break;
        }

        default:
          break;
      }
    }
  );
};

Our reducer returns a new state using the produce function. All the state manipulation happens inside of the produce handler. Notice again how we can freely mutate the state, and everything still works. Pretty cool!

generateDoors returns an array of doors with randomized content.

We use our reducer the same way we normally would:

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  const [state, dispatch] = useReducer(reducer, INITIAL_STATE);
  const { doors } = state;

Adding patches

Now lets use patches.

The produce function actually can accept three parameters:

  1. Initial source object. In our case, it’s the state of the reducer.
  2. Handler function for state mutation.
  3. A second handler that receives patches. We will need to store these patches for later use.

The patch handler function receives two parameters:

  1. patches - an array of patches with the latest state changes.
  2. inversePatches - an array of patches for reverting the latest state changes.

In our case, we only care about the inversePatches array. However, if you were to implement the redo, you would want to keep track of patches too.

Let’s provide the handler that will record inverse patches as they arrive:

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import produce, { enablePatches } from "immer";

// some previous code is ommited for brevity

enablePatches();

let inverseChanges = [];

export const reducer = (state, action) => {
  return produce(
    state,
    (draft) => {
      switch (action.type) {
        case OPEN_DOOR: {
          const { index } = action.payload;

          draft.doors[index].isOpen = true;
          break;
        }
        case RESET: {
          draft.doors = generateDoors();
          inverseChanges = [];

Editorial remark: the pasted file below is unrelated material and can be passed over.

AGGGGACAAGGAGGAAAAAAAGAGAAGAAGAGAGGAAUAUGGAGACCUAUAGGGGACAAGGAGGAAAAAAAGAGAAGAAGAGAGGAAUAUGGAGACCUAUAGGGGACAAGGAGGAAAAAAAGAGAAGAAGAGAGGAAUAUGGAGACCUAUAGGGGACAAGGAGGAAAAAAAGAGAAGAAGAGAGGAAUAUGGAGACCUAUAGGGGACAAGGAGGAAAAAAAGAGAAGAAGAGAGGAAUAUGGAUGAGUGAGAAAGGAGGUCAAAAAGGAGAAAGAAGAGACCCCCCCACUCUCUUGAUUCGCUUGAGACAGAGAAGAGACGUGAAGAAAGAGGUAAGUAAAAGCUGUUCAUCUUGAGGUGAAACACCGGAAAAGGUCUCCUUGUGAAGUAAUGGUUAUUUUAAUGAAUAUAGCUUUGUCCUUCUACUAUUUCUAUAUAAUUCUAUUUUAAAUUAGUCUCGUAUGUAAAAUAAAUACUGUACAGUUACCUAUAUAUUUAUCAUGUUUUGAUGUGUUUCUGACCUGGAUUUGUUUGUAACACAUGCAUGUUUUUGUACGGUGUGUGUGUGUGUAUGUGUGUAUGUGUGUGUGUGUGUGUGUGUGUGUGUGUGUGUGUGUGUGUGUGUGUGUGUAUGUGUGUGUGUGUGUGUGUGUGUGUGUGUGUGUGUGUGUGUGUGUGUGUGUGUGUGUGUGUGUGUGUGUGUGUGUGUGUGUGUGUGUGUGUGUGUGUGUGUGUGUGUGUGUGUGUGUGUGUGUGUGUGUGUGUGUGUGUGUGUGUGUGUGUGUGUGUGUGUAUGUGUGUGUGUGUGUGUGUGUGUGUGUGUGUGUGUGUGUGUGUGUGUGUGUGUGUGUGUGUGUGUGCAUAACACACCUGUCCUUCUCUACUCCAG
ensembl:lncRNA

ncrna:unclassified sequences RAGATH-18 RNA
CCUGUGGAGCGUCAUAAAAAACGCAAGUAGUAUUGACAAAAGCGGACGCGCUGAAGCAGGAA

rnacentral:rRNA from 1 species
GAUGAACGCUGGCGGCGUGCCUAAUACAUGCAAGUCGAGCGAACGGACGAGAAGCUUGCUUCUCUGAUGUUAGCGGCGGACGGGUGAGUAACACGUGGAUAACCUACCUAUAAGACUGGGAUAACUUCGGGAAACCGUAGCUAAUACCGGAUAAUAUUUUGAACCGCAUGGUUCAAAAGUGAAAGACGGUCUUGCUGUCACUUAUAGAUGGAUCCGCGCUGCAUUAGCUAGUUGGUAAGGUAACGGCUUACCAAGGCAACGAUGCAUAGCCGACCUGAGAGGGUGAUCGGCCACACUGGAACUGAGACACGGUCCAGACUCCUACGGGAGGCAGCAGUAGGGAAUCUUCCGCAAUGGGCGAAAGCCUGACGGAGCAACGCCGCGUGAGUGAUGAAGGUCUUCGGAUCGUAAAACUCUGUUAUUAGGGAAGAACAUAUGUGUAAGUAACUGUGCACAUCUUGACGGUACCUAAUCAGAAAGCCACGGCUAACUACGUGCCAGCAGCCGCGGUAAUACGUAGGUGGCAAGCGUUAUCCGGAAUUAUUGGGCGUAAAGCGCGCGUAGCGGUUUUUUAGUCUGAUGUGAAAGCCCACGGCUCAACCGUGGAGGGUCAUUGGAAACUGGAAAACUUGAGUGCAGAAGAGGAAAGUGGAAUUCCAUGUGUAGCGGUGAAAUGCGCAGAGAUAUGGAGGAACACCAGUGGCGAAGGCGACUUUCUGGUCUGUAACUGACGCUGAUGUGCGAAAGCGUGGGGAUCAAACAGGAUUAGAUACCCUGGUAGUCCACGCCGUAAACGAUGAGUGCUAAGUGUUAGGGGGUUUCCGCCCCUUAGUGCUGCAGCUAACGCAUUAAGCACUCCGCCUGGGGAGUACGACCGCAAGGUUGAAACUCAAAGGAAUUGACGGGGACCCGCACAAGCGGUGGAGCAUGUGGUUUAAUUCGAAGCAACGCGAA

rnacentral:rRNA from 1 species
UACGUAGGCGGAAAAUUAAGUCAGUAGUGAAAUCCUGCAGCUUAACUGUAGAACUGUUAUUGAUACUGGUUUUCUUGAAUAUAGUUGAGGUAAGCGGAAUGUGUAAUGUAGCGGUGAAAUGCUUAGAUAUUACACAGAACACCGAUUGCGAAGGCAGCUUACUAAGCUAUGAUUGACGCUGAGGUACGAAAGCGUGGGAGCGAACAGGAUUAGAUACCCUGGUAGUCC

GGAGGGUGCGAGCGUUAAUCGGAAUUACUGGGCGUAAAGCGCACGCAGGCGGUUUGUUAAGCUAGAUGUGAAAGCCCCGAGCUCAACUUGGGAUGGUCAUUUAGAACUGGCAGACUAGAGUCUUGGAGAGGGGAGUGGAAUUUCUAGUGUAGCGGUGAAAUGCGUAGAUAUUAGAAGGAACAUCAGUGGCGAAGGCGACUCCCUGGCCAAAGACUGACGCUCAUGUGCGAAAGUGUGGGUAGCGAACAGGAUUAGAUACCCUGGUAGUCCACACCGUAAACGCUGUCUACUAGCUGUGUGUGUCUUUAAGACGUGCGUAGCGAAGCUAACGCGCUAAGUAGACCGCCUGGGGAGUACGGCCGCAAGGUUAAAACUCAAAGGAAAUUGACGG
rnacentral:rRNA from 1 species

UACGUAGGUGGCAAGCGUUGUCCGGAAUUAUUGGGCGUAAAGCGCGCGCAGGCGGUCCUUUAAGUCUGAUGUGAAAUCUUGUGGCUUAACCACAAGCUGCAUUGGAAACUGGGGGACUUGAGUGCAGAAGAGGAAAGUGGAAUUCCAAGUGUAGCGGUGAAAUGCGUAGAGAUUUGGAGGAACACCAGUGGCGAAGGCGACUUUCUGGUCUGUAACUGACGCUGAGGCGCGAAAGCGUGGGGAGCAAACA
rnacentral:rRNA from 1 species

break;
        }
        default:
          break;
      }
    },
    (patches, inversePatches) => {
      if (action.type === OPEN_DOOR) {
        inverseChanges.push(...inversePatches);
      }
    }
  );
};

Note that we need to call enablePatches to activate the patches feature.

We check to make sure we only track patches for undoable actions. In our case, OPEN_DOOR is the only undoable action.

Also, when resetting the game, we want to clear patches in the RESET action.

Adding undo

The final step here is adding the UNDO action that applies the inverse patches we store:

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import produce, { applyPatches, enablePatches } from "immer";
enablePatches();

export const RESET = "RESET";
export const OPEN_DOOR = "OPEN_DOOR";
export const UNDO = "UNDO";

let inverseChanges = [];

export const reducer = (state, action) => {
  return produce(
    state,
    (draft) => {
      switch (action.type) {
        case OPEN_DOOR: {
          const { index } = action.payload;

          draft.doors[index].isOpen = true;
          break;
        }
        case RESET: {
          draft.doors = generateDoors();
          inverseChanges = [];
          break;
        }
        case UNDO: {
          if (inverseChanges.length > 0) {
            return applyPatches(state, [inverseChanges.pop()]);
          }
          break;
        }

        default:
          break;
      }
    },
    (patches, inversePatches) => {
      if (action.type === OPEN_DOOR) {
        inverseChanges.push(...inversePatches);
      }
    }
  );
};

We pop the latest inverse patch from the inverseChanges array and apply it. Note that when calling applyPatches, Immer.js requires us to explicitly return the result. More on that here.

Wrapping up

That’s it for this tutorial. We saw how easy it is to add the undo feature to React with Immer.js.

Immer.js is a great immutability library, and patches allow for creating some advanced functionality. You can use patches for building features like communicating updates over WebSockets, tracing/debugging, versioning, and more.

Here’s a link to the codesandbox with the full code of this tutorial.

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WRITTEN BY
Iskander Samatov